The first result of our analysis showed that multiple requests are infrequent, in fact the 98% was made up of single entries, which means that the security code was sent to the phone once, the remaining 2% did more than a request. This low percentage of total attempts can be explained by the fact that congestion on the CLX network is rare and transient. It is assumed that each 2FA message will receive a repeat request if the message is not delivered within a reasonable and expected time period.

Looking more closely at these data, we can see how important delivery latency is.

First, users' 10% asked for a repeat message if they didn't receive the message within 3 seconds, another 19% asked for a repeat message if they didn't receive the message within 7 seconds, and 6% asked for a repeat message within 11 seconds. In total, this is an incredible 35% of users who will ask for a repeat message if the first one is not delivered within 11 seconds. This is very similar to Kissmetrics 'discovery, which shows that users' 35% would abandon a web page within 10 seconds of waiting.

We also noticed that the average number of repeated requests was 1.2 in the dataset, which means that for these users the firm will pay at least double, if not more than double, per user than necessary - this can be attributed directly to latency.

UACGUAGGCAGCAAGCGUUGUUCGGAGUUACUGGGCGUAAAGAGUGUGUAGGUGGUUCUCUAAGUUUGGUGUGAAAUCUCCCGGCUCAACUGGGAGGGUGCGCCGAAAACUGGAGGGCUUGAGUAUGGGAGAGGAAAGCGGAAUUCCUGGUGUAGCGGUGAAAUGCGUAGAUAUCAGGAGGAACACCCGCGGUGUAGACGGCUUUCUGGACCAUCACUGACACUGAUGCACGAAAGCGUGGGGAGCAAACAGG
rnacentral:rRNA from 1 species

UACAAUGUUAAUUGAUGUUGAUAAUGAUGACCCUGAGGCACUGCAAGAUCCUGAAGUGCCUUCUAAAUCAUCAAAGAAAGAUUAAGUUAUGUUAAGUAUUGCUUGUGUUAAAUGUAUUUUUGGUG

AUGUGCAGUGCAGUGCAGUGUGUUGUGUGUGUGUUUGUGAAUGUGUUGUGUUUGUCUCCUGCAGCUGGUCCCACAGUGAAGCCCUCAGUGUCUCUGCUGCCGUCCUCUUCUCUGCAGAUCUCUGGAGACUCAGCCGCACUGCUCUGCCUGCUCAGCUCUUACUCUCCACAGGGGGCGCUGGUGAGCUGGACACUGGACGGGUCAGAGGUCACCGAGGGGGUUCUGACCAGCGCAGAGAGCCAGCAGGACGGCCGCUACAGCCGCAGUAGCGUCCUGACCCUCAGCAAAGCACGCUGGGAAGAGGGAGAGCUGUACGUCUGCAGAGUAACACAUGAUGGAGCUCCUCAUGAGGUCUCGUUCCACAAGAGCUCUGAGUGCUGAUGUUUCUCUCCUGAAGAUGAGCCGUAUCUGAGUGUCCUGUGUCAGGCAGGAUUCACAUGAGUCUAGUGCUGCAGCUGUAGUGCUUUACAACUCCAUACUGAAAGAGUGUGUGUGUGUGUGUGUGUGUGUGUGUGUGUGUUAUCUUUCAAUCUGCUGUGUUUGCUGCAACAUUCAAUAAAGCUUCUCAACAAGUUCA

We conclude that a 2FA message should be delivered within a maximum of 10 seconds, ideally it should be in less than 3 seconds.

There are several problems that can affect delivery speed:

  1. The speed with which your SMS provider can accept messages must be sufficient to ensure that even during peak periods they are able to accept the message within 100 ms
  2. The ability that your SMS provider has both to deliver messages and to search for mobile number portability (MNP), both have the same importance
  3. Your messaging provider's ability to divide between low latency and high latency traffic, that is, divide and prioritize messages based on whether they are transactional or promotional
  4. The routing algorithm used by the messaging provider. Some cheaper providers will queue the messages to send them along the cheapest route, regardless of congestion or latency